“When we proposed to build the laboratory (the Cabinet signed off on the funding in January), local people were fearful as they did not know anything about neutrinos and why we need a big underground [setup],” says Naba Kumar Mondal, professor at TIFR and spokesperson for the project. “On top of that, some people, for whatever reason, started a campaign to mislead the locals by saying neutrinos are dangerous for human beings.” There were canards that the underground site will be used for dumping nuclear waste (fact: there will be no such thing), that agriculture will suffer because of the heat from the project (no heat will escape), and that the facility’s 2 km access tunnel will damage a dam which Mondal says is at least 50 km from the site. And then there were questions bordering on the ridiculous. Sample this from the project’s website: “If you are building a world-class lab, all the world’s eyes will be on it. What if an atom bomb is dropped on us?”
The project team enlisted a group of scientists to quell these fears. Locals were also told about the jobs the project would create and the benefits that students in the region could expect from the observatory’s outreach activities. But none of that has been enough to convince Vaiko, who is now persuading the people of Kerala to join his tirade. The day Fortune India visited the site, the road leading up to it was being laid. Initial orders for material have also been issued to Saint-Gobain (for the glass to be used in detectors) and Essar Steel, but the litigation has thrown a huge spanner in the works.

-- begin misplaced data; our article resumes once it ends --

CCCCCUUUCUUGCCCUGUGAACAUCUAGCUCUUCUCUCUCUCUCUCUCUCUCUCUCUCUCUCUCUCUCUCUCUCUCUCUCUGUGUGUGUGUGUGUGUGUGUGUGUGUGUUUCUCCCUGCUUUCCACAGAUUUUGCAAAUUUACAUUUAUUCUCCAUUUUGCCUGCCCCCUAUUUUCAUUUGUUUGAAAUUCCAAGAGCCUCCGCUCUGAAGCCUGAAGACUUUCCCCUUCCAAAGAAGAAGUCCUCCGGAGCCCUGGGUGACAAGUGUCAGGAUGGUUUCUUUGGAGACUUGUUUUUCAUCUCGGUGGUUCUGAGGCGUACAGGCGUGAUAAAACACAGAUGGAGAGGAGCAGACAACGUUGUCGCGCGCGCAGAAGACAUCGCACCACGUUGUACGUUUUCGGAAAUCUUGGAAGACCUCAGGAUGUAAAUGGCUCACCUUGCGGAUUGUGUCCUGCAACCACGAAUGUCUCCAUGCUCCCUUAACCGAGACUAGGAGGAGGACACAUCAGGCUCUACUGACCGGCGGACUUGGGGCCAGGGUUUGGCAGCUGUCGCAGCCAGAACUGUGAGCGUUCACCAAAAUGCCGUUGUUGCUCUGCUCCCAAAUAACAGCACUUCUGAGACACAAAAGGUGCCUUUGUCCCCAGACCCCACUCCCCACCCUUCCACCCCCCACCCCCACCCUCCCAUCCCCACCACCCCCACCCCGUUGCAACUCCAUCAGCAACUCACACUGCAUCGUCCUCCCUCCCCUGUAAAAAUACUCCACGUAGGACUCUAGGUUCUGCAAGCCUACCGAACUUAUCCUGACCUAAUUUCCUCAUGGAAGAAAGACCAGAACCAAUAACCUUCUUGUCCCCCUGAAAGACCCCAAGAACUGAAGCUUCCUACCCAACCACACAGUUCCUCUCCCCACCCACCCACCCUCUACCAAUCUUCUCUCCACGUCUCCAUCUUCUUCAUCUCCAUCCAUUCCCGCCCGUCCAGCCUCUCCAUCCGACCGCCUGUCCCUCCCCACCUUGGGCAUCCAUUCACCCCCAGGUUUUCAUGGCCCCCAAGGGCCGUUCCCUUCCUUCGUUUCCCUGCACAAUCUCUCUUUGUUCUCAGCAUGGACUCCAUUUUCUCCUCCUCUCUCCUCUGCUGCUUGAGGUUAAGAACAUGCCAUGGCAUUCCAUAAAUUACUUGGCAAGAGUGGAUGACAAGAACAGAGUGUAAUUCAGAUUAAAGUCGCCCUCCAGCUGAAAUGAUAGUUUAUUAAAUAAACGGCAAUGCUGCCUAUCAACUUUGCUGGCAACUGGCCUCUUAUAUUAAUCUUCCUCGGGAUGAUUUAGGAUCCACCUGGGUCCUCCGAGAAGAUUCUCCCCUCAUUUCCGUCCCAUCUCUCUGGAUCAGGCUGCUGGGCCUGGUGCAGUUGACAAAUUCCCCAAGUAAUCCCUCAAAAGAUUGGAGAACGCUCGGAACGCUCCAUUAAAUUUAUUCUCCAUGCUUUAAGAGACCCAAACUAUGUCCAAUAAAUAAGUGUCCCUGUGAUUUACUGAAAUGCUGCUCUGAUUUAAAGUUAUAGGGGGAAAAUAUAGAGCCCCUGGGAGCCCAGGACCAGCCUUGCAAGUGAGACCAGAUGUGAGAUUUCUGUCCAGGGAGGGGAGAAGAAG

THE IMPASSE DISMAYS people like Mondal all the more because this project was seen as a salve after India lost out to relative minnow Pakistan in the race to become Associate Member at CERN (in December)—thanks to inordinate indecision on the part of the previous government. With it went the opportunity for Indian companies to access CERN’s annual Rs 2,000 crore component-order ecosystem, to speak nothing of the priceless learning that comes along (see ‘Business and the Big Bang’ in Fortune India’s January 2014 issue).